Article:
Guilty Pleasures: The Saboteur

The Saboteur

We gamers often fall into the habit of being a bit snooty and elitist when it comes to choosing games. It’s understandable of course, time and money don’t grow on trees, but in our constant move from one ultra highly reviewed release to the next, it’s easy for some quality software to fall between the cracks.

Most of these recommendations come with ample caveats, of course. You’ll need to drown out 50 Cent’s background music with a foghorn before I suggest Blood on the Sand as quality entertainment. And sure, play Dark Void till the cows come home, but make sure you skip all the cutscenes and smear Vaseline over your telly.

The Saboteur, however, doesn’t do much wrong but it was still criminally ignored by the gaming hive mind.

In The Saboteur you play as walking Irish stereotype Sean Devlin; a brawling, drinking, swearing flat-cap wearing prick with a chip on his shoulder the size of Dublin. And much in the same way that a British character in an American TV show is required to say two “bloody”s and one “wanker” per sentence, Devlin litters his dialogue with more “arse”s than a Saturday night in Camden.

Speaking of the dialogue, it must have been penned by an ex-erotica author because every single conversation reads like a bad romance novel and is absolutely crammed with sly innuendos and double entendres. It gets so bad that I’m never sure if the characters want me to actually derail a Nazi train or pump a Third Reich officer full of lead, or if they’re really just bizarre euphemisms.

The Saboteur

Anyway, The Saboteur takes place in Nazi occupied Paris and the Krauts line the pavement like street signs. It’s your job as a reluctant resistance member to sneak into Nazi bases, drop some dynamite and run out with your tail between your legs. But this stealthy sabotage doesn’t involve snaking about in the grass or crawling through air vents, it’s all about disguises.

Break a German’s neck and you can nick his uniform. Now the button that used to be “sneak about” is “walk like a Nazi”. Not a proper Faulty Towers-esque frog march, but just a painfully slow robotic walk like you’ve got a bayonet up your keister. Still, it’ll stop the Third Reich from being too suspicious.

This means that pretty much every mission in the game can be completed either as a Gears of War style run-and-gun or by slowly and carefully walking about the enemy base without raising suspicion or, worse, alarms.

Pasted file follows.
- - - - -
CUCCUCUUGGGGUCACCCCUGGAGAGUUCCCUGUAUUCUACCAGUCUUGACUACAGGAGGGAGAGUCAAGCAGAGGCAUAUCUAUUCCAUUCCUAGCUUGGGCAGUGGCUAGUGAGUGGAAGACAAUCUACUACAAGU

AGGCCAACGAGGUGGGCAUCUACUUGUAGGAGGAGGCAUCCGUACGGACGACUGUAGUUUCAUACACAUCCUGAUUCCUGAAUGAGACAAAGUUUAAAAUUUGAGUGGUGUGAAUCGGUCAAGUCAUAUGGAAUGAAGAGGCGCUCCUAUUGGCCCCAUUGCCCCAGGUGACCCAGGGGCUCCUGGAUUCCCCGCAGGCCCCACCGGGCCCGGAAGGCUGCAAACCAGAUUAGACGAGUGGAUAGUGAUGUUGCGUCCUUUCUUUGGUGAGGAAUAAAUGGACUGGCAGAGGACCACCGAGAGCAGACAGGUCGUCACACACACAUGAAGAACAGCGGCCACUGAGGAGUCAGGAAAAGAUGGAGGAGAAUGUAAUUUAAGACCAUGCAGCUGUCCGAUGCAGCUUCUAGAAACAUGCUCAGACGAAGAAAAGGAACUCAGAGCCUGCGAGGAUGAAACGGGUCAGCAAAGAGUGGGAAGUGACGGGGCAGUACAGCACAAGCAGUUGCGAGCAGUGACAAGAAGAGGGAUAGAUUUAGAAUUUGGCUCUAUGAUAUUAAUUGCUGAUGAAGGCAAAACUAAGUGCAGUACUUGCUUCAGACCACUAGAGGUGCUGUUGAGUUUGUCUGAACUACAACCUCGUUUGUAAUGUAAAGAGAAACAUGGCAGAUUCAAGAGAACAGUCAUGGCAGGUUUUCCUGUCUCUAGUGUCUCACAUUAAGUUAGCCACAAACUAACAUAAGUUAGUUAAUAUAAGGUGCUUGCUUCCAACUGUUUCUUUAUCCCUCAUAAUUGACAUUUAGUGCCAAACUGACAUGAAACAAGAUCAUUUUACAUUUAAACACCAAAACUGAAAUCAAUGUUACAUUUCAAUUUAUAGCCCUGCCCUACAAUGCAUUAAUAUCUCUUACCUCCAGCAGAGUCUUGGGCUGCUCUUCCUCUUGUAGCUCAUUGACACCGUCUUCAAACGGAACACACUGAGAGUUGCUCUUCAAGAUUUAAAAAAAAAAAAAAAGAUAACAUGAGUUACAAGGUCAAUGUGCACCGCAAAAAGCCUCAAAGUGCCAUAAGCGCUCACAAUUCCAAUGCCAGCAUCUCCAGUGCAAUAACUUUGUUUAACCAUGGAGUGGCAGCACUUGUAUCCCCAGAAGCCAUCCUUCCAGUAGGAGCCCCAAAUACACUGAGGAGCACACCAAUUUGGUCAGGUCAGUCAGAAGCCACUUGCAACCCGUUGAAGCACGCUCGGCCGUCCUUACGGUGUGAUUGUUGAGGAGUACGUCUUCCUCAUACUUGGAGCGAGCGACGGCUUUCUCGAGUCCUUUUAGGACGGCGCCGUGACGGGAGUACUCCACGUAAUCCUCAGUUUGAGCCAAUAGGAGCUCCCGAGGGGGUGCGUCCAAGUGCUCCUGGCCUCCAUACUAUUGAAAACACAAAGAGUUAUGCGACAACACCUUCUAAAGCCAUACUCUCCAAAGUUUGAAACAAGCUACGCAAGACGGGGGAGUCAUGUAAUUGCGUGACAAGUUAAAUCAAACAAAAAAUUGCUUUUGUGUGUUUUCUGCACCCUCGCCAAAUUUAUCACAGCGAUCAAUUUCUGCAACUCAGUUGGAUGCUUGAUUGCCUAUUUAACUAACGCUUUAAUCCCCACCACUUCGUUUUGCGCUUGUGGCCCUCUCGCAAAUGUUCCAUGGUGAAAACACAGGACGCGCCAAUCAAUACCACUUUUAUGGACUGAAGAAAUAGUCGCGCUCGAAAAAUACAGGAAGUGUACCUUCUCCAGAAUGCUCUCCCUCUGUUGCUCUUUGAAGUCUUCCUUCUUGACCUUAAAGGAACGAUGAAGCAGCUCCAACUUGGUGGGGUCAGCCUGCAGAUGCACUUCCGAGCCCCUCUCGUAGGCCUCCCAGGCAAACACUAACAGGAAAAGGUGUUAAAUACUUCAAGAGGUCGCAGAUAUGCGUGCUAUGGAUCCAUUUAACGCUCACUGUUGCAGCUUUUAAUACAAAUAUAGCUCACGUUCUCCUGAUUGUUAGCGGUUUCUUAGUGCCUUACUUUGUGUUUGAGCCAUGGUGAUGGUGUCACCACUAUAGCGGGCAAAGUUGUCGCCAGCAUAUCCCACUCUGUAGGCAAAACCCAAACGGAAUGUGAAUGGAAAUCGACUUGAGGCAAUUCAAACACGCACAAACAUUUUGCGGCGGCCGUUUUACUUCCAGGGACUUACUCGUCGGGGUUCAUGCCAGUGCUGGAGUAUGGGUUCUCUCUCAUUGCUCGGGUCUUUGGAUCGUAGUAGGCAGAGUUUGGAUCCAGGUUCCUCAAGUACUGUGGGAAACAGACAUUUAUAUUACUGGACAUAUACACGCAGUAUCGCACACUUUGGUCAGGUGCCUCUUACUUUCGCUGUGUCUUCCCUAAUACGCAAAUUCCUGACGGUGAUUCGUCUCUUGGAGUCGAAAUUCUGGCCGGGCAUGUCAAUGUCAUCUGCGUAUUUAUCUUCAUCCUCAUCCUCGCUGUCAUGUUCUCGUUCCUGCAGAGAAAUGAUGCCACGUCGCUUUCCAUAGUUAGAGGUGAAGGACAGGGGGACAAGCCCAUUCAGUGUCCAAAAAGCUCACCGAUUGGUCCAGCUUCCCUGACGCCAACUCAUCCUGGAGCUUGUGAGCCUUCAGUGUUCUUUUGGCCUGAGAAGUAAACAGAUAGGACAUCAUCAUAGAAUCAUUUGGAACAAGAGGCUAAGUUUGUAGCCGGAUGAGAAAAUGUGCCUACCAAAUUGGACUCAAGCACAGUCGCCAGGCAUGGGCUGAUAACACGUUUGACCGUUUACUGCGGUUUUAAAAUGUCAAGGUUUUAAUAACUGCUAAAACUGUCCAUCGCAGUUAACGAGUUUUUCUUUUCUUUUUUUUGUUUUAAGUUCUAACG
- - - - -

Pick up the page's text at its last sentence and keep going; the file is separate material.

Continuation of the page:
It might sound boring, but you know what? It’s pretty damn exhilarating. Walk past some guards and your suspicion meter sky rockets, the tension is almost too much but you duck out of sight before they investigate. You pop a sniper with a silenced pistol – uh oh! Someone saw you and is about to blow the whistle but you snap round and cap them too. Better hightail it out of there because those bodies aren’t doing much for your credibility.

You feel a bit like Batman but with a dodgy Irish accent, a potty mouth and six kilos of dynamite stuck up his arse. I’m utterly crap at stealth games, but something about The Saboteur meant I could beat most of the missions just by sneaking, being disguised, making diversions with explosions, using a silenced pistol and climbing the sides of buildings.

It wasn’t perfect. Not by a long shot. Look up the phrase “rough around the edges” and you’ll find a screenshot of The Saboteur. It’s also got some dodgy controls, it gets a little repetitive and the title is really hard to spell.

But I loved it. The characters were stereotypes, but they had a bit of heart. The story was ludicrous, but written with some real passion. Paris had a real sense of place, the action weaved from action to stealth beautifully and blowing up Nazis just never gets old.

There are already way too many triple A, big budget blockbusters to try as it is, but you should always go off the beaten track every once in a while because you might find something you truly love.







One response to “Guilty Pleasures: The Saboteur”

  1. Graeme (GraeXZ) avatar
    Graeme (GraeXZ)

    I got this for Christmas and loved every minute of playing it, it has a wonderful setting and I feel like that is the best part about the game.

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